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Chapter 5 Risk and Rates of Return © 2005 Thomson/South-Western

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2 Defining and Measuring Risk Risk is the chance that an unexpected outcome will occur A probability distribution is a listing of all possible outcomes with a probability assigned to each; must sum to 1.0 (100%).

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3 Probability Distributions It either will rain, or it will not. Only two possible outcomes.

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4 Probability Distributions Martin Products and U. S. Electric Martin ProductsU.S. Electric Boom0.2110%20% Normal0.522%16% Recession0.3-60%10% 1.0 Probability of This State Occurring State of the Economy Rate of Return on Stock if This State Occurs

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5 Expected Rate of Return Rate of return expected to be realized from an investment during its life Mean value of the probability distribution of possible returns Weighted average of the outcomes, where the weights are the probabilities

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6 (1)(2)(3)= (4)(5)= (6) Boom0.2110%22%20%4% Normal0.522%11%16%8% Recession0.3-60%-18%10%3% 1.0k m = 15%k m = State of the Economy Martin ProductsU. S. Electric Return if This State Occurs (k i ) Product: (2) x (5) Probability of This State Occurring (Pr i ) Return if This State Occurs (k i ) Product: (2) x (3) ^^ Expected Rate of Return

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8 Continuous versus Discrete Probability Distributions Discrete Probability Distribution: number of possible outcomes is limited, or finite.

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Discrete Probability Distributions a. Martin Products Probability of Occurrence b. U. S. Electric Probability of Occurrence -60 -45 -30 -15 0 15 22 30 45 60 75 90 110 Rate of Return (%) Expected Rate of Return (15%) 0.5 - 0.4 - 0.3 - 0.2 - 0.1 - -10 -5 0 5 10 16 20 25 Rate of Return (%) Expected Rate of Return (15%) 0.5 - 0.4 - 0.3 - 0.2 - 0.1 -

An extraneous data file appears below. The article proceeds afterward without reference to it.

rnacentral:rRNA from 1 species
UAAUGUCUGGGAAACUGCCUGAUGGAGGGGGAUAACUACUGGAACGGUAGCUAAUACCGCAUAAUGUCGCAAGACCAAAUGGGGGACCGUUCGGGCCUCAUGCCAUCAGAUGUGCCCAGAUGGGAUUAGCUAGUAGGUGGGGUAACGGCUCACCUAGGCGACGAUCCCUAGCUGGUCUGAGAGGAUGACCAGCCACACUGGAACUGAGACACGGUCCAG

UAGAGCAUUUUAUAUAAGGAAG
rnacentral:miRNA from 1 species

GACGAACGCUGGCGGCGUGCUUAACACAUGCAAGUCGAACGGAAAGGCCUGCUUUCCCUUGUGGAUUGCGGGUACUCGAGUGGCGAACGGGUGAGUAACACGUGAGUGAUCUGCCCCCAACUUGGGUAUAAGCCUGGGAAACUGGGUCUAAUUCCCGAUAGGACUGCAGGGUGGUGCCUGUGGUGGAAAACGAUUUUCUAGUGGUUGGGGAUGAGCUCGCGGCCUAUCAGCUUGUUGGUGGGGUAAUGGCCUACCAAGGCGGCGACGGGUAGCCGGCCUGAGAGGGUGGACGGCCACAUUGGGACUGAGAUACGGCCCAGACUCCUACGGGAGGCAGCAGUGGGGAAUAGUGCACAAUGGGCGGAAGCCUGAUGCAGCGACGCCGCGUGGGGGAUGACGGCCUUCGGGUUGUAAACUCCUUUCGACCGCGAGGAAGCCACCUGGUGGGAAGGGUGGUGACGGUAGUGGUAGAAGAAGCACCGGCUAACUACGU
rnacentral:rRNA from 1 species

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10 Continuous versus Discrete Probability Distributions Continuous Probability Distribution: number of possible outcomes is unlimited, or infinite.

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Probability Density -60 0 15 110 Rate of Return (%) Expected Rate of Return Martin Products U. S. Electric Continuous Probability Distributions

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12 Measuring Risk: The Standard Deviation Calculating Martin Products’ Standard Deviation (1)(2)(1) - (2) = (3)(4)(5)(4) x (5) = (6) 110%15%959,025 0.2 1,805.0 22%15%749 0.5 24.5 -60%15%-755,625 0.3 1,687.5 Payoff k i (k i - k) 2 Pr i Probability Expected Return k k i - k (k i - k) 2 ^ ^ ^^ ^ ^ ^ ^

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13 Measuring Risk: The Standard Deviation

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14 Standardized measure of risk per unit of return Calculated as the standard deviation divided by the expected return Useful where investments differ in risk and expected returns k ˆReturn Risk CV Coefficient of variation Measuring Risk: Coefficient of Variation

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15 Risk Aversion Risk-averse investors require higher rates of return to invest in higher-risk securities